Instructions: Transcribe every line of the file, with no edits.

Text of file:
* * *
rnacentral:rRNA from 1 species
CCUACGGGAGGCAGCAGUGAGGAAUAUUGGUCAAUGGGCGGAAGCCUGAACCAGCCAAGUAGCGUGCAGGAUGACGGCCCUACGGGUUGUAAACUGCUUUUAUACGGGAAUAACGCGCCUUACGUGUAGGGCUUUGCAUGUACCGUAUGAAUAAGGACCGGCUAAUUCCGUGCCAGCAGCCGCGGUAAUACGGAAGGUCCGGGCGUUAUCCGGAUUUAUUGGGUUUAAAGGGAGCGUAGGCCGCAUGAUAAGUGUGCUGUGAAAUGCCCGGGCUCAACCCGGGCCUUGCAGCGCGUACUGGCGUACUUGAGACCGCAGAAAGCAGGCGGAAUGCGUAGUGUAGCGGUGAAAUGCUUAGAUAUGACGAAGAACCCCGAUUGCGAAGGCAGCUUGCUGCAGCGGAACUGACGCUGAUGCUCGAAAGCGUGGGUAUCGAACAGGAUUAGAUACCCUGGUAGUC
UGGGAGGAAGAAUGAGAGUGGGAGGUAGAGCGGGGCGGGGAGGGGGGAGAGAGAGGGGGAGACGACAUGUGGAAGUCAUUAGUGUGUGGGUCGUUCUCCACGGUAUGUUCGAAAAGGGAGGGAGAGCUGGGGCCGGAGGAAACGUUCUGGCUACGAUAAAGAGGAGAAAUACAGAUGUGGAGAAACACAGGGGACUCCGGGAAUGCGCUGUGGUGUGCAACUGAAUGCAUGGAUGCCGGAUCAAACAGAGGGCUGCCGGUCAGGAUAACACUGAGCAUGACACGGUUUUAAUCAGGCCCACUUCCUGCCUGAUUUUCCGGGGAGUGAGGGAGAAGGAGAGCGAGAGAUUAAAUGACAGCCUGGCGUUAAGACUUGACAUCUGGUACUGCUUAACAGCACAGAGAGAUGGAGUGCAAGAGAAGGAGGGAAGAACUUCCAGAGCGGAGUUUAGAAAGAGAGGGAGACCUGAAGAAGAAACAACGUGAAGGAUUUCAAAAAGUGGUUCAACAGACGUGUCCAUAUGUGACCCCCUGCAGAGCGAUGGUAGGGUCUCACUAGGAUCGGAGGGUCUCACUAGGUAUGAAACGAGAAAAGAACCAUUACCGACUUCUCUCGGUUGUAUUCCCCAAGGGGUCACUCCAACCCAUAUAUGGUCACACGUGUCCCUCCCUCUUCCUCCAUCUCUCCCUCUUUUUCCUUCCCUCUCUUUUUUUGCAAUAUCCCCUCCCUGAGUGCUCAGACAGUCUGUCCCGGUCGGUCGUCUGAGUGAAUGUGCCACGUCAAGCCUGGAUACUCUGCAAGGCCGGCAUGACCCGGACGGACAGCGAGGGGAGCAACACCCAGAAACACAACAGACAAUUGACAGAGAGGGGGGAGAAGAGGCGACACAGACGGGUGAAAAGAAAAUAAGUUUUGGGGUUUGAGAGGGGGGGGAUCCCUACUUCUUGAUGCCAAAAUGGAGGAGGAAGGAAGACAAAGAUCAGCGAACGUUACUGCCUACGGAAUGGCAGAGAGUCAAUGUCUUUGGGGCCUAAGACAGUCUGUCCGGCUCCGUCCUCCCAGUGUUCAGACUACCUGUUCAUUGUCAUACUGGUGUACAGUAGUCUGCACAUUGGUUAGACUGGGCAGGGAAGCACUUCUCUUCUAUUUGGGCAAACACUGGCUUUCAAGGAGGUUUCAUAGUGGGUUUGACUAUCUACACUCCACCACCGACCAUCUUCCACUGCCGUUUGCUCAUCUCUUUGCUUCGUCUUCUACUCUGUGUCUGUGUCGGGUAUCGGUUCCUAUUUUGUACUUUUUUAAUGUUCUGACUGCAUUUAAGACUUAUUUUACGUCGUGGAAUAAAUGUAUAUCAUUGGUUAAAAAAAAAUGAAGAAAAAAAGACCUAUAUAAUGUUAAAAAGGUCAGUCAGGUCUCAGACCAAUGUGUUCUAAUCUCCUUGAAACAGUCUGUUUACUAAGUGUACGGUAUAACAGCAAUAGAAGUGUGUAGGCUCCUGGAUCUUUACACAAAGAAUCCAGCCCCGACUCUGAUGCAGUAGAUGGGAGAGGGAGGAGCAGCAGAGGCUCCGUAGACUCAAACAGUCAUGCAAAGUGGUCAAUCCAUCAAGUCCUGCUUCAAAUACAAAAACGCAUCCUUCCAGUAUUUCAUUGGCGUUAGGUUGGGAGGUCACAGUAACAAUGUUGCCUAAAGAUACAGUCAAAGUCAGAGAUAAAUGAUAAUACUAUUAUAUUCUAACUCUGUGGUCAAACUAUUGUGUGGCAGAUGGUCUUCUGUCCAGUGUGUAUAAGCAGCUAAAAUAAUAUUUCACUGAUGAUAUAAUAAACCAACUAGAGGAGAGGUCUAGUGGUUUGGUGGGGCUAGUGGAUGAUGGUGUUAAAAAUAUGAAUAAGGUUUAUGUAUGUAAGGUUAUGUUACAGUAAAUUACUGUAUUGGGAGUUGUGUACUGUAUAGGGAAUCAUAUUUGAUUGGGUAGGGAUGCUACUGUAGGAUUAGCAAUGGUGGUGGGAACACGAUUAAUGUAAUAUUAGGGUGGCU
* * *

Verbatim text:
rnacentral:rRNA from 1 species
CCUACGGGAGGCAGCAGUGAGGAAUAUUGGUCAAUGGGCGGAAGCCUGAACCAGCCAAGUAGCGUGCAGGAUGACGGCCCUACGGGUUGUAAACUGCUUUUAUACGGGAAUAACGCGCCUUACGUGUAGGGCUUUGCAUGUACCGUAUGAAUAAGGACCGGCUAAUUCCGUGCCAGCAGCCGCGGUAAUACGGAAGGUCCGGGCGUUAUCCGGAUUUAUUGGGUUUAAAGGGAGCGUAGGCCGCAUGAUAAGUGUGCUGUGAAAUGCCCGGGCUCAACCCGGGCCUUGCAGCGCGUACUGGCGUACUUGAGACCGCAGAAAGCAGGCGGAAUGCGUAGUGUAGCGGUGAAAUGCUUAGAUAUGACGAAGAACCCCGAUUGCGAAGGCAGCUUGCUGCAGCGGAACUGACGCUGAUGCUCGAAAGCGUGGGUAUCGAACAGGAUUAGAUACCCUGGUAGUC
UGGGAGGAAGAAUGAGAGUGGGAGGUAGAGCGGGGCGGGGAGGGGGGAGAGAGAGGGGGAGACGACAUGUGGAAGUCAUUAGUGUGUGGGUCGUUCUCCACGGUAUGUUCGAAAAGGGAGGGAGAGCUGGGGCCGGAGGAAACGUUCUGGCUACGAUAAAGAGGAGAAAUACAGAUGUGGAGAAACACAGGGGACUCCGGGAAUGCGCUGUGGUGUGCAACUGAAUGCAUGGAUGCCGGAUCAAACAGAGGGCUGCCGGUCAGGAUAACACUGAGCAUGACACGGUUUUAAUCAGGCCCACUUCCUGCCUGAUUUUCCGGGGAGUGAGGGAGAAGGAGAGCGAGAGAUUAAAUGACAGCCUGGCGUUAAGACUUGACAUCUGGUACUGCUUAACAGCACAGAGAGAUGGAGUGCAAGAGAAGGAGGGAAGAACUUCCAGAGCGGAGUUUAGAAAGAGAGGGAGACCUGAAGAAGAAACAACGUGAAGGAUUUCAAAAAGUGGUUCAACAGACGUGUCCAUAUGUGACCCCCUGCAGAGCGAUGGUAGGGUCUCACUAGGAUCGGAGGGUCUCACUAGGUAUGAAACGAGAAAAGAACCAUUACCGACUUCUCUCGGUUGUAUUCCCCAAGGGGUCACUCCAACCCAUAUAUGGUCACACGUGUCCCUCCCUCUUCCUCCAUCUCUCCCUCUUUUUCCUUCCCUCUCUUUUUUUGCAAUAUCCCCUCCCUGAGUGCUCAGACAGUCUGUCCCGGUCGGUCGUCUGAGUGAAUGUGCCACGUCAAGCCUGGAUACUCUGCAAGGCCGGCAUGACCCGGACGGACAGCGAGGGGAGCAACACCCAGAAACACAACAGACAAUUGACAGAGAGGGGGGAGAAGAGGCGACACAGACGGGUGAAAAGAAAAUAAGUUUUGGGGUUUGAGAGGGGGGGGAUCCCUACUUCUUGAUGCCAAAAUGGAGGAGGAAGGAAGACAAAGAUCAGCGAACGUUACUGCCUACGGAAUGGCAGAGAGUCAAUGUCUUUGGGGCCUAAGACAGUCUGUCCGGCUCCGUCCUCCCAGUGUUCAGACUACCUGUUCAUUGUCAUACUGGUGUACAGUAGUCUGCACAUUGGUUAGACUGGGCAGGGAAGCACUUCUCUUCUAUUUGGGCAAACACUGGCUUUCAAGGAGGUUUCAUAGUGGGUUUGACUAUCUACACUCCACCACCGACCAUCUUCCACUGCCGUUUGCUCAUCUCUUUGCUUCGUCUUCUACUCUGUGUCUGUGUCGGGUAUCGGUUCCUAUUUUGUACUUUUUUAAUGUUCUGACUGCAUUUAAGACUUAUUUUACGUCGUGGAAUAAAUGUAUAUCAUUGGUUAAAAAAAAAUGAAGAAAAAAAGACCUAUAUAAUGUUAAAAAGGUCAGUCAGGUCUCAGACCAAUGUGUUCUAAUCUCCUUGAAACAGUCUGUUUACUAAGUGUACGGUAUAACAGCAAUAGAAGUGUGUAGGCUCCUGGAUCUUUACACAAAGAAUCCAGCCCCGACUCUGAUGCAGUAGAUGGGAGAGGGAGGAGCAGCAGAGGCUCCGUAGACUCAAACAGUCAUGCAAAGUGGUCAAUCCAUCAAGUCCUGCUUCAAAUACAAAAACGCAUCCUUCCAGUAUUUCAUUGGCGUUAGGUUGGGAGGUCACAGUAACAAUGUUGCCUAAAGAUACAGUCAAAGUCAGAGAUAAAUGAUAAUACUAUUAUAUUCUAACUCUGUGGUCAAACUAUUGUGUGGCAGAUGGUCUUCUGUCCAGUGUGUAUAAGCAGCUAAAAUAAUAUUUCACUGAUGAUAUAAUAAACCAACUAGAGGAGAGGUCUAGUGGUUUGGUGGGGCUAGUGGAUGAUGGUGUUAAAAAUAUGAAUAAGGUUUAUGUAUGUAAGGUUAUGUUACAGUAAAUUACUGUAUUGGGAGUUGUGUACUGUAUAGGGAAUCAUAUUUGAUUGGGUAGGGAUGCUACUGUAGGAUUAGCAAUGGUGGUGGGAACACGAUUAAUGUAAUAUUAGGGUGGCU